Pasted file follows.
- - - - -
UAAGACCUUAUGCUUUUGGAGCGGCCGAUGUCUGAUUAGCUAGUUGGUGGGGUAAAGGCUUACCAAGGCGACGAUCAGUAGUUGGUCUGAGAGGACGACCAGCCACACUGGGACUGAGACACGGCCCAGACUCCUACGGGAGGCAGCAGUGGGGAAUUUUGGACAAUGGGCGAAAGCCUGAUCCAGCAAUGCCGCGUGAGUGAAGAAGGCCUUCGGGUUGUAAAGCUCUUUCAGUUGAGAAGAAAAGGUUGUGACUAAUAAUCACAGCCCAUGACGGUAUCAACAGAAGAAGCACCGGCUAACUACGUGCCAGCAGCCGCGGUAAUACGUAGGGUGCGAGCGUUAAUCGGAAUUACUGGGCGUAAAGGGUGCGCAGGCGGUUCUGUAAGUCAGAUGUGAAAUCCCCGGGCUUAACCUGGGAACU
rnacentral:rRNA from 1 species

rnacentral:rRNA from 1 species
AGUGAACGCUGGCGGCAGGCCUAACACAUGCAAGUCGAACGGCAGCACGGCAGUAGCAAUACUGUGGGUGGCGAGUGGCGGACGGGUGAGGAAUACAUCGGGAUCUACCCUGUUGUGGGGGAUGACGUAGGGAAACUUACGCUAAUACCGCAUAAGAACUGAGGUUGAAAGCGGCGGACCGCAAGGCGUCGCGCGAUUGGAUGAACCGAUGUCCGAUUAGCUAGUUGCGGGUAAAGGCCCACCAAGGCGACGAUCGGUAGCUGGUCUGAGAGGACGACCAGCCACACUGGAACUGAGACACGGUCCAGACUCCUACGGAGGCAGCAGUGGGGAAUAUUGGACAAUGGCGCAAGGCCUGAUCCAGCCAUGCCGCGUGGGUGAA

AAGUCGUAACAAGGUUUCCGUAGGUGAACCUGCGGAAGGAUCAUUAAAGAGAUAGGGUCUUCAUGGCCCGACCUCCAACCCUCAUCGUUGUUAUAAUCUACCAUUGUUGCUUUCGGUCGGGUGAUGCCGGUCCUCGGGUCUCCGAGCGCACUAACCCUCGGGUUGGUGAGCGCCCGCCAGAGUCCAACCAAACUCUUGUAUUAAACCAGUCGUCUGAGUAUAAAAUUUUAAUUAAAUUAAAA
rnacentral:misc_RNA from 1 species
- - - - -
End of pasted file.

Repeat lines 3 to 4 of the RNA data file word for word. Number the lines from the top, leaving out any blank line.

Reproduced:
rnacentral:rRNA from 1 species
AGUGAACGCUGGCGGCAGGCCUAACACAUGCAAGUCGAACGGCAGCACGGCAGUAGCAAUACUGUGGGUGGCGAGUGGCGGACGGGUGAGGAAUACAUCGGGAUCUACCCUGUUGUGGGGGAUGACGUAGGGAAACUUACGCUAAUACCGCAUAAGAACUGAGGUUGAAAGCGGCGGACCGCAAGGCGUCGCGCGAUUGGAUGAACCGAUGUCCGAUUAGCUAGUUGCGGGUAAAGGCCCACCAAGGCGACGAUCGGUAGCUGGUCUGAGAGGACGACCAGCCACACUGGAACUGAGACACGGUCCAGACUCCUACGGAGGCAGCAGUGGGGAAUAUUGGACAAUGGCGCAAGGCCUGAUCCAGCCAUGCCGCGUGGGUGAA